-Allow your baby to explore objects with his mouth to sharpen the senses in this area and exercise these important muscles.
-Offer a well-designed activity center that has a wide variety of activities to motivate your baby to use different skills, like pushing, pulling and striking.
10-15 months -Pincer grasp is developed to pick up small objects.
-Point to objects.
-Turn the pages in a book.
-Puts objects into a container.
-Can stack two blocks, one on top of the other.
-Can place a simple shape into a puzzle board (circle/square)
-Exposure to drinking from open cup should occur more frequently.
-Introduce utensils (spoon and fork) during meal time.
-Provide hand over hand assistance when drinking from an open cup to help with movement patterns.
-Allow child to use utensils with either hands.
-Correct grasp on utensils if grasp is incorrect.
-Play of the floor with your child.
-Demonstrate how to stack blocks and complete simple shape puzzles.
15-18 months -Grasp crayon with fisted grasp.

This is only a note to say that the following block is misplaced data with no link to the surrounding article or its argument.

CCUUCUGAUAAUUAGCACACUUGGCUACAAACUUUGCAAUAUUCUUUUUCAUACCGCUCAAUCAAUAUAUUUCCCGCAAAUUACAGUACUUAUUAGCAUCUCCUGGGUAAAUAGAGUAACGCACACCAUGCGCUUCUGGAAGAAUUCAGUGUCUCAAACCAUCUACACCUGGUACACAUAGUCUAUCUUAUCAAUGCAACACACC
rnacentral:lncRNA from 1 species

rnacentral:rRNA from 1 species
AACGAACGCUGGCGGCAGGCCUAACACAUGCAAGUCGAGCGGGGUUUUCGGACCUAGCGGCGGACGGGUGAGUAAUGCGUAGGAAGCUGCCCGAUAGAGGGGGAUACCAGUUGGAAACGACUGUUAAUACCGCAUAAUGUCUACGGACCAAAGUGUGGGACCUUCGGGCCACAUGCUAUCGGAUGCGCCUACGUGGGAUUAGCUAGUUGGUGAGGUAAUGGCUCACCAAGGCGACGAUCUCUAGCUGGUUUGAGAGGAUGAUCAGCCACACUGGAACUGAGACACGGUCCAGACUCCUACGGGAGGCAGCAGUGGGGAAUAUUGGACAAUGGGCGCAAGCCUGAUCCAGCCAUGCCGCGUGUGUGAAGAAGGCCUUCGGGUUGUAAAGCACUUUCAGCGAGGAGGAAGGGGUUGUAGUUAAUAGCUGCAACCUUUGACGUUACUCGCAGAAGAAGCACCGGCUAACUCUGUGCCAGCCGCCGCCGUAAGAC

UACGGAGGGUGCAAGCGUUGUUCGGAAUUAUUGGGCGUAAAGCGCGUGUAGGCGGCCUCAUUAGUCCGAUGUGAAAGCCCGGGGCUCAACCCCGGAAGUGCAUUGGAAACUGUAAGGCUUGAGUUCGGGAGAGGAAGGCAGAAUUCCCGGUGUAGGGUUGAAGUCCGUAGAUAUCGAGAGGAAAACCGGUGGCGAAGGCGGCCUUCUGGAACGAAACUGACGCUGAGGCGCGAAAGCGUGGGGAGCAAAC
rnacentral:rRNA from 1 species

-Uses both hands to play.
-Scribbles spontaneously.
-Place rings on a ring stack.
-Cooperates during dressing changes by extending arms/legs.
-Attempting to brush teeth.
-Cleans face with cloth.
-Wash hands with help.
-Removes socks.
-Expose child to crayons, markers, colored pencils and allow for them to pick up writing utensils to explore.
-Encourage play with a variety of toys.
-Encourage outside play at parks, beach, backyard.
18-24 months -Turn several pages in a book.
-Can push, pull, dump things out.
-Stacks 4-6 block tower.
-Threads large beads on a string.
-Coordination of bringing food to mouth should be improving with less spillage occurring.